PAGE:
DON'T MISS : Talking Africa New Podcast – Zimbabwe's artisanal mines: 'There's no real form of law and order' - Piers Pigou

Is Africa neglecting its farmers?

Posted on Monday, 27 July 2009 00:00

Benjamin Mkapa?
Former president of Tanzania??

In terms of the provision of services directed towards peasant production in countries whose revenues are largely derived from primary commodity exports, clearly there is not much money spent on rural areas. In addition, non-food products cost much more in rural areas because of poor transportation and so on. So they have a raw deal. That is one of the principal reasons why you have this exodus from the rural areas into the cities. However much you campaign against this internal migration, everyone who comes into the cities believes they will have a better job in town – better than breaking their backs with primitive tools in agricultural production in the rural areas. This can only be fixed by concentrating government resources on agricultural transformation. As that improves, people will have larger incomes, and thus their appetite for industrial goods will be greater, promoting better linkages between the rural and urban areas.

Andrew Daudi?
First secretary, Ministry ?of Agriculture, Malawi

Our subsidy programme is the reversal of a long-term trend in Sub-Saharan Africa, whereby urban dwellers are prioritised over people who live in the rural areas. About 85% of Malawians are in the rural areas and that is where production is. That is why the government has now prioritised production in the rural areas. Of course, we are not forgetting the urban poor and industrialisation, but essentially, we have to empower at the grass-roots areas because all these exports are coming from the rural areas. For industries to survive, they need food. Our rural areas had been economically marginalised for too long. It is something that we had to address. For our farmers in the rural areas, the problem was the cost of the inputs (addressed by the government’s scheme to subsidise fertilisers for small farmers since 2005. The result has been high yields and the creation of an export maize crop). Previously we used to have 3.2m farming families. Now we have 3.4m farming families.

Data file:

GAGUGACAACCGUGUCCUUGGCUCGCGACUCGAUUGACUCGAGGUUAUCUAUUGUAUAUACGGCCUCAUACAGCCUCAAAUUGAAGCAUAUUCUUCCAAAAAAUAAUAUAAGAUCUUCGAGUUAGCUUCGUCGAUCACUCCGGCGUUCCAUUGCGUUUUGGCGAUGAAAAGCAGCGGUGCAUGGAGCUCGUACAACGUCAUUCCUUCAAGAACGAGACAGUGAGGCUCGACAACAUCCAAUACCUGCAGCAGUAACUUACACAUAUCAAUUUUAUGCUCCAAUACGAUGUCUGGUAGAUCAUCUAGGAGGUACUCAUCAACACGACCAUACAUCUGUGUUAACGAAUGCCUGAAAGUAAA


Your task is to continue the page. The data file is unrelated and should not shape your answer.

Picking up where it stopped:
Akin Adesina?
Vice-president, Alliance for a Green Revolution in Africa

If you want to invest in the future, you have to invest in food. We all learnt that from the global food crisis. The received theory – that access to food was important, rather than the ability to produce food for yourself – was debunked. But solving this is not a problem of food aid. Per capita food production has declined for the last 30 years in Africa. This is why investing in the rural areas is so important. So they can feed their nations, as well as generating surpluses to export to the rest of the world. The Ghanaian government spends $500m on importing rice a year, mostly bought by urban people. But northern Ghana has 400,000ha of lowland rice areas, yielding 0.5t/ha. If we can increase yields to 2.5t/ha, Ghana will become a net rice exporter. A green revolution will bring the price of food down in urban areas, so real wages will rise. By turning the focus to farmers, the urban poor will benefit as well as the rural poor. l